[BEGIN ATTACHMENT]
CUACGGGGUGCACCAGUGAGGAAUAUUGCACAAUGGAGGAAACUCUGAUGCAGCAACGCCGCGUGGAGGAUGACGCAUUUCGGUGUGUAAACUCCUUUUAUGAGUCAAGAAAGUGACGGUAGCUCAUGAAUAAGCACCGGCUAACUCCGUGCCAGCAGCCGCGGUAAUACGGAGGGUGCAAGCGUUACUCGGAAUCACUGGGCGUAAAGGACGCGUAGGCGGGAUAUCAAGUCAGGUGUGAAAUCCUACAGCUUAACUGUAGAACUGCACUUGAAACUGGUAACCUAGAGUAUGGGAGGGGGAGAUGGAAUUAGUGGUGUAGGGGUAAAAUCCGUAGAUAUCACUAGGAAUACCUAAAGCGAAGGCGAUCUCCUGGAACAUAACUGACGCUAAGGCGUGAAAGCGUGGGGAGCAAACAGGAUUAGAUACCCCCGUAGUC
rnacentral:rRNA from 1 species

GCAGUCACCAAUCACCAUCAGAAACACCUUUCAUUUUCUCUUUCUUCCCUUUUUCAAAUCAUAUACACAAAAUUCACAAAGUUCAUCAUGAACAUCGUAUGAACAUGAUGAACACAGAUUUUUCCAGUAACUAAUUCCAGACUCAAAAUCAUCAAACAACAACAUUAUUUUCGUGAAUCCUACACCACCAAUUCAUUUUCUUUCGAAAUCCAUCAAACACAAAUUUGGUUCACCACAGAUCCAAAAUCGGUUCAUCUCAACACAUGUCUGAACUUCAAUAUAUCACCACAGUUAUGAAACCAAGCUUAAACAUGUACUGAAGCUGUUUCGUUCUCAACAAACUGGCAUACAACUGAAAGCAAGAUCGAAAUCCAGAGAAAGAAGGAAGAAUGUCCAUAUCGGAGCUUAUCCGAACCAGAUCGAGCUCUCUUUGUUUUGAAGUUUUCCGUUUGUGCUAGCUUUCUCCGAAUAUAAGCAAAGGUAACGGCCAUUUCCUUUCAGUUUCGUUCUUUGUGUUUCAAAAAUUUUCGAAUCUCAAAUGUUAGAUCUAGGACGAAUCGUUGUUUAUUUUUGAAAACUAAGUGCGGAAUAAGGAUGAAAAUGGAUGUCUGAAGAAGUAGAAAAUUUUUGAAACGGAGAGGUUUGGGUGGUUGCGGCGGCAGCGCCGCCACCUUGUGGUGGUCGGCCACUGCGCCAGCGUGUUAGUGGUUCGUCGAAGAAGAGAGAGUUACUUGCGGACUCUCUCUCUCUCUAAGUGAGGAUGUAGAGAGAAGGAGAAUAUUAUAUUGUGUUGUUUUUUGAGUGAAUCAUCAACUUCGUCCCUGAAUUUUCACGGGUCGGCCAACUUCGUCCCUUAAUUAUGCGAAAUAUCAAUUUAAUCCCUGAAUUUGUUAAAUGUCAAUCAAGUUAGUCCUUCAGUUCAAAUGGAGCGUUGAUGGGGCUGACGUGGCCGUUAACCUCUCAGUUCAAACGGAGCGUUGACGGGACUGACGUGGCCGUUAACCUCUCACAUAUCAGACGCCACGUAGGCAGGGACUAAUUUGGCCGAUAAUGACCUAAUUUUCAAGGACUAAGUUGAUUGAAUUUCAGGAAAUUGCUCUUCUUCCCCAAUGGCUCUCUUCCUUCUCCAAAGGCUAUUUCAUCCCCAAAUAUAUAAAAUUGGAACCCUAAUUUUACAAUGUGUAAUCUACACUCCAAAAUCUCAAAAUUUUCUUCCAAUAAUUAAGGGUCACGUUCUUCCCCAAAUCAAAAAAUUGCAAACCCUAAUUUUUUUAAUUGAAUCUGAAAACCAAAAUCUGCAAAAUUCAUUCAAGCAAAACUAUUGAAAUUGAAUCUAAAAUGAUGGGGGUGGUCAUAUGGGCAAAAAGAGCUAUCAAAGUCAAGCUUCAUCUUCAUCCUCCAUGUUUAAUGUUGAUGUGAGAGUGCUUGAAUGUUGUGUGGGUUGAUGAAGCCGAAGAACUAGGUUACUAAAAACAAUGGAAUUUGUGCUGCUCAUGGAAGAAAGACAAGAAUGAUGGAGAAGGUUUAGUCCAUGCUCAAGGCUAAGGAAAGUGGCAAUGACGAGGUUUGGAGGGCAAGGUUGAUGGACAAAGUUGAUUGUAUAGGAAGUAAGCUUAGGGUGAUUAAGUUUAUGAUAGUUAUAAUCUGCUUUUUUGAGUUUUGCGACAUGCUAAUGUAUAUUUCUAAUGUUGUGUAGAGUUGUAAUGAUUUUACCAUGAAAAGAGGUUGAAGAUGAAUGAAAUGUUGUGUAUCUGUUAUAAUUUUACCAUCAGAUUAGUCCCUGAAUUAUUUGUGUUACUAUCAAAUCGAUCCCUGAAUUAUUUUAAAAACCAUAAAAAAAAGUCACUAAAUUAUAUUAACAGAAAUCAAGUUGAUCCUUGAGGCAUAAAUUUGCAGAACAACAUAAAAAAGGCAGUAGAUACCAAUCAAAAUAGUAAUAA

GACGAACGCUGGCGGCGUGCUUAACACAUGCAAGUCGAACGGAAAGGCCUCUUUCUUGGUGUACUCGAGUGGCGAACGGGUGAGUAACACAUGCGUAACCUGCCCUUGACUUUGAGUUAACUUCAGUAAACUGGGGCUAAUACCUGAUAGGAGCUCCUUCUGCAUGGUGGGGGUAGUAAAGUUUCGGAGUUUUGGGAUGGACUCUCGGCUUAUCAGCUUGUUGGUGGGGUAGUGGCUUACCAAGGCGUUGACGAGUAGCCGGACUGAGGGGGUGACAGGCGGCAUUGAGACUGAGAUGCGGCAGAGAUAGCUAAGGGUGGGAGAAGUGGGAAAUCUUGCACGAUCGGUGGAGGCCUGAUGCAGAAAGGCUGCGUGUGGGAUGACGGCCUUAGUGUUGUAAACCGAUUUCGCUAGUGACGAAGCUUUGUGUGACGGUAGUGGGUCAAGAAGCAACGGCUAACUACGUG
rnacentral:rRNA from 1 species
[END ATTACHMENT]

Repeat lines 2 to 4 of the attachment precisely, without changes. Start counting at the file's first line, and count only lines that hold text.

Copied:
rnacentral:rRNA from 1 species

GCAGUCACCAAUCACCAUCAGAAACACCUUUCAUUUUCUCUUUCUUCCCUUUUUCAAAUCAUAUACACAAAAUUCACAAAGUUCAUCAUGAACAUCGUAUGAACAUGAUGAACACAGAUUUUUCCAGUAACUAAUUCCAGACUCAAAAUCAUCAAACAACAACAUUAUUUUCGUGAAUCCUACACCACCAAUUCAUUUUCUUUCGAAAUCCAUCAAACACAAAUUUGGUUCACCACAGAUCCAAAAUCGGUUCAUCUCAACACAUGUCUGAACUUCAAUAUAUCACCACAGUUAUGAAACCAAGCUUAAACAUGUACUGAAGCUGUUUCGUUCUCAACAAACUGGCAUACAACUGAAAGCAAGAUCGAAAUCCAGAGAAAGAAGGAAGAAUGUCCAUAUCGGAGCUUAUCCGAACCAGAUCGAGCUCUCUUUGUUUUGAAGUUUUCCGUUUGUGCUAGCUUUCUCCGAAUAUAAGCAAAGGUAACGGCCAUUUCCUUUCAGUUUCGUUCUUUGUGUUUCAAAAAUUUUCGAAUCUCAAAUGUUAGAUCUAGGACGAAUCGUUGUUUAUUUUUGAAAACUAAGUGCGGAAUAAGGAUGAAAAUGGAUGUCUGAAGAAGUAGAAAAUUUUUGAAACGGAGAGGUUUGGGUGGUUGCGGCGGCAGCGCCGCCACCUUGUGGUGGUCGGCCACUGCGCCAGCGUGUUAGUGGUUCGUCGAAGAAGAGAGAGUUACUUGCGGACUCUCUCUCUCUCUAAGUGAGGAUGUAGAGAGAAGGAGAAUAUUAUAUUGUGUUGUUUUUUGAGUGAAUCAUCAACUUCGUCCCUGAAUUUUCACGGGUCGGCCAACUUCGUCCCUUAAUUAUGCGAAAUAUCAAUUUAAUCCCUGAAUUUGUUAAAUGUCAAUCAAGUUAGUCCUUCAGUUCAAAUGGAGCGUUGAUGGGGCUGACGUGGCCGUUAACCUCUCAGUUCAAACGGAGCGUUGACGGGACUGACGUGGCCGUUAACCUCUCACAUAUCAGACGCCACGUAGGCAGGGACUAAUUUGGCCGAUAAUGACCUAAUUUUCAAGGACUAAGUUGAUUGAAUUUCAGGAAAUUGCUCUUCUUCCCCAAUGGCUCUCUUCCUUCUCCAAAGGCUAUUUCAUCCCCAAAUAUAUAAAAUUGGAACCCUAAUUUUACAAUGUGUAAUCUACACUCCAAAAUCUCAAAAUUUUCUUCCAAUAAUUAAGGGUCACGUUCUUCCCCAAAUCAAAAAAUUGCAAACCCUAAUUUUUUUAAUUGAAUCUGAAAACCAAAAUCUGCAAAAUUCAUUCAAGCAAAACUAUUGAAAUUGAAUCUAAAAUGAUGGGGGUGGUCAUAUGGGCAAAAAGAGCUAUCAAAGUCAAGCUUCAUCUUCAUCCUCCAUGUUUAAUGUUGAUGUGAGAGUGCUUGAAUGUUGUGUGGGUUGAUGAAGCCGAAGAACUAGGUUACUAAAAACAAUGGAAUUUGUGCUGCUCAUGGAAGAAAGACAAGAAUGAUGGAGAAGGUUUAGUCCAUGCUCAAGGCUAAGGAAAGUGGCAAUGACGAGGUUUGGAGGGCAAGGUUGAUGGACAAAGUUGAUUGUAUAGGAAGUAAGCUUAGGGUGAUUAAGUUUAUGAUAGUUAUAAUCUGCUUUUUUGAGUUUUGCGACAUGCUAAUGUAUAUUUCUAAUGUUGUGUAGAGUUGUAAUGAUUUUACCAUGAAAAGAGGUUGAAGAUGAAUGAAAUGUUGUGUAUCUGUUAUAAUUUUACCAUCAGAUUAGUCCCUGAAUUAUUUGUGUUACUAUCAAAUCGAUCCCUGAAUUAUUUUAAAAACCAUAAAAAAAAGUCACUAAAUUAUAUUAACAGAAAUCAAGUUGAUCCUUGAGGCAUAAAUUUGCAGAACAACAUAAAAAAGGCAGUAGAUACCAAUCAAAAUAGUAAUAA

GACGAACGCUGGCGGCGUGCUUAACACAUGCAAGUCGAACGGAAAGGCCUCUUUCUUGGUGUACUCGAGUGGCGAACGGGUGAGUAACACAUGCGUAACCUGCCCUUGACUUUGAGUUAACUUCAGUAAACUGGGGCUAAUACCUGAUAGGAGCUCCUUCUGCAUGGUGGGGGUAGUAAAGUUUCGGAGUUUUGGGAUGGACUCUCGGCUUAUCAGCUUGUUGGUGGGGUAGUGGCUUACCAAGGCGUUGACGAGUAGCCGGACUGAGGGGGUGACAGGCGGCAUUGAGACUGAGAUGCGGCAGAGAUAGCUAAGGGUGGGAGAAGUGGGAAAUCUUGCACGAUCGGUGGAGGCCUGAUGCAGAAAGGCUGCGUGUGGGAUGACGGCCUUAGUGUUGUAAACCGAUUUCGCUAGUGACGAAGCUUUGUGUGACGGUAGUGGGUCAAGAAGCAACGGCUAACUACGUG